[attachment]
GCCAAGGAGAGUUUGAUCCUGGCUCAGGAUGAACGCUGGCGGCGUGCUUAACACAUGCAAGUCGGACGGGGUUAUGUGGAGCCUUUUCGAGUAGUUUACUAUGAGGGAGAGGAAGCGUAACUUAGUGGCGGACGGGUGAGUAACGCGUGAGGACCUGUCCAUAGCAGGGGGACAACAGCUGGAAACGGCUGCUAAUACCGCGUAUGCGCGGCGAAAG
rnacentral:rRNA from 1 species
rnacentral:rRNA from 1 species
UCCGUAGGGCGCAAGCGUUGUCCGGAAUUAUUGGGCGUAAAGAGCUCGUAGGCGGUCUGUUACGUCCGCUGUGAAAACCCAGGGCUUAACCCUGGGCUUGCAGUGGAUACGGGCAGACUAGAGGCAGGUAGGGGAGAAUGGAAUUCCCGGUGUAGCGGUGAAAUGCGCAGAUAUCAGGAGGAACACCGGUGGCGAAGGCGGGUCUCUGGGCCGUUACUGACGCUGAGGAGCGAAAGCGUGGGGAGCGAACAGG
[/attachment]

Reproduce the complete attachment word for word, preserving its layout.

GCCAAGGAGAGUUUGAUCCUGGCUCAGGAUGAACGCUGGCGGCGUGCUUAACACAUGCAAGUCGGACGGGGUUAUGUGGAGCCUUUUCGAGUAGUUUACUAUGAGGGAGAGGAAGCGUAACUUAGUGGCGGACGGGUGAGUAACGCGUGAGGACCUGUCCAUAGCAGGGGGACAACAGCUGGAAACGGCUGCUAAUACCGCGUAUGCGCGGCGAAAG
rnacentral:rRNA from 1 species
rnacentral:rRNA from 1 species
UCCGUAGGGCGCAAGCGUUGUCCGGAAUUAUUGGGCGUAAAGAGCUCGUAGGCGGUCUGUUACGUCCGCUGUGAAAACCCAGGGCUUAACCCUGGGCUUGCAGUGGAUACGGGCAGACUAGAGGCAGGUAGGGGAGAAUGGAAUUCCCGGUGUAGCGGUGAAAUGCGCAGAUAUCAGGAGGAACACCGGUGGCGAAGGCGGGUCUCUGGGCCGUUACUGACGCUGAGGAGCGAAAGCGUGGGGAGCGAACAGG